If you find yourself in love with Hidden Valley dressings, they even have a swag store. I mean, what's not to love about salad dress? Every salad lover knows ranch dressing is a blessing.
20. Mountain Dew
Mountain Dew’s mobile web design takes a completely different approach than all of the other sites in this list, but still created an effective experience. There page is very busy, but matches the high energy feel that the Mountain Dew brand encourages. The main hero area typically advertizes a experience thats high adrenaline and meant to engage users in unique ways.
What really separates Mountain Dew from the pack is their mobile menu. Rather than sticking to the top of the screen, the hamburger bar is located at the bottom of the page which changes the content above when you click on it. This allows them push the pages closer to the top of the device viewport, rather than being bothered with a navbar immediately.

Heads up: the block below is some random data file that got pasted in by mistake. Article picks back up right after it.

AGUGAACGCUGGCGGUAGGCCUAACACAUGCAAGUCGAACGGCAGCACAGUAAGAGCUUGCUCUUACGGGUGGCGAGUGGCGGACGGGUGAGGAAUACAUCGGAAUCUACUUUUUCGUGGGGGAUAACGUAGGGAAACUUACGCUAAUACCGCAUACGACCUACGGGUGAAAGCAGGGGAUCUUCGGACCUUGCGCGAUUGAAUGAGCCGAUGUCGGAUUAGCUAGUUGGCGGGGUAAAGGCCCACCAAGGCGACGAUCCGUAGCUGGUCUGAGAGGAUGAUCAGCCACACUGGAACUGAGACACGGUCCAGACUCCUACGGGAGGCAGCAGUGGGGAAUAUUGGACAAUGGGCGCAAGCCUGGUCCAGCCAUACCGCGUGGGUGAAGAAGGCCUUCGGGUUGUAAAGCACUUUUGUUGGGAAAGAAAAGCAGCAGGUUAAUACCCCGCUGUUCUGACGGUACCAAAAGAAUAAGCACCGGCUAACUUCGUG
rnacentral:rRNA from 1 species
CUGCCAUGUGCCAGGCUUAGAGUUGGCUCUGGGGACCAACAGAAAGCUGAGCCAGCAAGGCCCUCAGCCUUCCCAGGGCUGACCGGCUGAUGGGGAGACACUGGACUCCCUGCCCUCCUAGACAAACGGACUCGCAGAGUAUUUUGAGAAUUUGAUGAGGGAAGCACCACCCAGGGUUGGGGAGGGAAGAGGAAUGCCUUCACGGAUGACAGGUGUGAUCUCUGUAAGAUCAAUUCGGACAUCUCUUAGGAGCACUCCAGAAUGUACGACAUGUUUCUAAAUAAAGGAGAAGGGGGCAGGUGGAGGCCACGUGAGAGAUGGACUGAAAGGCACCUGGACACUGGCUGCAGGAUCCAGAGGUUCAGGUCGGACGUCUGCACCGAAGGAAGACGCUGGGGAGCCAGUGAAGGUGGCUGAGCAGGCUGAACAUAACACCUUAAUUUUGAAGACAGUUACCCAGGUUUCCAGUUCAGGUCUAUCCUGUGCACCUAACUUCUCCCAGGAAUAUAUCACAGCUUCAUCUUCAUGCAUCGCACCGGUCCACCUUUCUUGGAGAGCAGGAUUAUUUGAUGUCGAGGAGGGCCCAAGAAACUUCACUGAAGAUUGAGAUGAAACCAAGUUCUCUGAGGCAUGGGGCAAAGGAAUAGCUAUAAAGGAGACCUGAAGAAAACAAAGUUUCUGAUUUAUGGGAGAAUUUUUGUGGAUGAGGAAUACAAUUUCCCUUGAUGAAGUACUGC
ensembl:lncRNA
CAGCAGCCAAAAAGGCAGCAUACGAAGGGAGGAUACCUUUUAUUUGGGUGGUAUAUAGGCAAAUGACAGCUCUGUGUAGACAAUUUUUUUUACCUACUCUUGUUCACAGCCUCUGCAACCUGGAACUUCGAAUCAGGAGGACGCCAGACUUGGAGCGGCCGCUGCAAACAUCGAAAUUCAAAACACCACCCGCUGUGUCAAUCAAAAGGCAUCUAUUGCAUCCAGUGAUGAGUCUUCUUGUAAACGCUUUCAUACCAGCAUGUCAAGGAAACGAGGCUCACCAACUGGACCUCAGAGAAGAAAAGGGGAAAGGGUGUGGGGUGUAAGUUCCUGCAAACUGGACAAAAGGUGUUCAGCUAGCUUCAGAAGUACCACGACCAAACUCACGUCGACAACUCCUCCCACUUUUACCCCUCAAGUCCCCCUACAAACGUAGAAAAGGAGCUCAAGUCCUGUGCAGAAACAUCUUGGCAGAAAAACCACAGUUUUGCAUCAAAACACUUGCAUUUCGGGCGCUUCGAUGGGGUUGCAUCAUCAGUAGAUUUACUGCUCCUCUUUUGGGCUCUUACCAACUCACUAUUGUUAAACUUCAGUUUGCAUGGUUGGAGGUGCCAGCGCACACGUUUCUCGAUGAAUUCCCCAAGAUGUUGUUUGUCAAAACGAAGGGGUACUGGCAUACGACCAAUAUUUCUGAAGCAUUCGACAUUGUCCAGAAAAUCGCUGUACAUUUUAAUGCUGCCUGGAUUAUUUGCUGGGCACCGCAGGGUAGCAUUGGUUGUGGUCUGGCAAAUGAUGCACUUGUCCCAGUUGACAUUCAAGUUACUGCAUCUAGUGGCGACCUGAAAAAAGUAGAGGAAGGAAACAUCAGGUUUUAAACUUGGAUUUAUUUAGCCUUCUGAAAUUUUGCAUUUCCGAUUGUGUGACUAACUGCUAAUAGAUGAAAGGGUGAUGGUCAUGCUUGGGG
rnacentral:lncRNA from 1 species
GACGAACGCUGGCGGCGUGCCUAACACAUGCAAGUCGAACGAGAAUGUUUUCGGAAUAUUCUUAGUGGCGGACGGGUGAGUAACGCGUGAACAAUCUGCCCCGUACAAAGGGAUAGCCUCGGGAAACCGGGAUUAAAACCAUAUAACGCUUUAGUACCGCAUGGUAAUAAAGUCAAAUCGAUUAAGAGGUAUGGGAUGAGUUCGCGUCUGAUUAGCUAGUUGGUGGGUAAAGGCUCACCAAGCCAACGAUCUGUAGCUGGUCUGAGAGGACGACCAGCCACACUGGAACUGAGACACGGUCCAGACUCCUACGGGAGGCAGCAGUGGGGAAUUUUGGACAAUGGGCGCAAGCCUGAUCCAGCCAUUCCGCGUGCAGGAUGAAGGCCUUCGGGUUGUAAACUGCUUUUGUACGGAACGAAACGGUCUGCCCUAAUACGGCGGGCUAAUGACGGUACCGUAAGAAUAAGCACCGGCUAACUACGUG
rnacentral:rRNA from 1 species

The options at the bottom of the homepage gives users options to learn about the products Mountain Dew offers while seeing the advertising campaigns they are attached to.
Adidas’s mobile web design includes a variety of the elements already mentioned here, but does so in such a way that mimics their desktop website. The banner ads include engaging images that contain large buttons that link to current promotions or specific product information. Adidas has a nice balance of interesting content and simplistic design which makes their homepage very clean.
Adidas also does a nice job of extending their home page to include product categories users can filter through. Rather than using the mobile menu, you can search for a specific product category right on the home page to get you to the product you want quicker.
Like Abercrombie, the site also allows vibrant images to attract the user's eyes on their product pages and the most attention is brought to their large “Add to Bag” button to get users to purchase their products.
Hopefully one or more of these websites have provided you with some inspiration for how to design, or revamp, your mobile website. Just remember to keep things simple when designing your website. Include only what is necessary while giving your page a welcoming feel. A mobile website is a necessity in this day and age, so make sure yours is adding to your business rather than detracting from it.